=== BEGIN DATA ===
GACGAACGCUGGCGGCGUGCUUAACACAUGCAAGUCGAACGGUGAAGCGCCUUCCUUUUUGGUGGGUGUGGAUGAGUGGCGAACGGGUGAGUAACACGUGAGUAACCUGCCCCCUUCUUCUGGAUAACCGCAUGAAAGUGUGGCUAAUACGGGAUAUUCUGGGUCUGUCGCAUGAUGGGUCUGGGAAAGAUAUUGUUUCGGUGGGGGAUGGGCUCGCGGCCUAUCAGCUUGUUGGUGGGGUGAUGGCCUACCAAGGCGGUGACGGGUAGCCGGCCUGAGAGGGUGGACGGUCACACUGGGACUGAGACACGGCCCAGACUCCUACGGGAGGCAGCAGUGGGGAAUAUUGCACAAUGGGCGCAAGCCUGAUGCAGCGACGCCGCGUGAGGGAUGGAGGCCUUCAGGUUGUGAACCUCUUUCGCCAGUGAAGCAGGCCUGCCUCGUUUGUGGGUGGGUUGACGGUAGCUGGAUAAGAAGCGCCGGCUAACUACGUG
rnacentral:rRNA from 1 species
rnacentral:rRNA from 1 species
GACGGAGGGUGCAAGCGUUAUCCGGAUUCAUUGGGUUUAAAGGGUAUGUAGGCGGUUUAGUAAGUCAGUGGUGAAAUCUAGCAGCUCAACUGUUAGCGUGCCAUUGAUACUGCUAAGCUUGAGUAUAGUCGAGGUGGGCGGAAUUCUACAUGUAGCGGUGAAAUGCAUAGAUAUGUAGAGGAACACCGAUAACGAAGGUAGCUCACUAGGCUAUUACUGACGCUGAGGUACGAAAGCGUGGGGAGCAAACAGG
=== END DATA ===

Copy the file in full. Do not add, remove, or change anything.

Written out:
GACGAACGCUGGCGGCGUGCUUAACACAUGCAAGUCGAACGGUGAAGCGCCUUCCUUUUUGGUGGGUGUGGAUGAGUGGCGAACGGGUGAGUAACACGUGAGUAACCUGCCCCCUUCUUCUGGAUAACCGCAUGAAAGUGUGGCUAAUACGGGAUAUUCUGGGUCUGUCGCAUGAUGGGUCUGGGAAAGAUAUUGUUUCGGUGGGGGAUGGGCUCGCGGCCUAUCAGCUUGUUGGUGGGGUGAUGGCCUACCAAGGCGGUGACGGGUAGCCGGCCUGAGAGGGUGGACGGUCACACUGGGACUGAGACACGGCCCAGACUCCUACGGGAGGCAGCAGUGGGGAAUAUUGCACAAUGGGCGCAAGCCUGAUGCAGCGACGCCGCGUGAGGGAUGGAGGCCUUCAGGUUGUGAACCUCUUUCGCCAGUGAAGCAGGCCUGCCUCGUUUGUGGGUGGGUUGACGGUAGCUGGAUAAGAAGCGCCGGCUAACUACGUG
rnacentral:rRNA from 1 species
rnacentral:rRNA from 1 species
GACGGAGGGUGCAAGCGUUAUCCGGAUUCAUUGGGUUUAAAGGGUAUGUAGGCGGUUUAGUAAGUCAGUGGUGAAAUCUAGCAGCUCAACUGUUAGCGUGCCAUUGAUACUGCUAAGCUUGAGUAUAGUCGAGGUGGGCGGAAUUCUACAUGUAGCGGUGAAAUGCAUAGAUAUGUAGAGGAACACCGAUAACGAAGGUAGCUCACUAGGCUAUUACUGACGCUGAGGUACGAAAGCGUGGGGAGCAAACAGG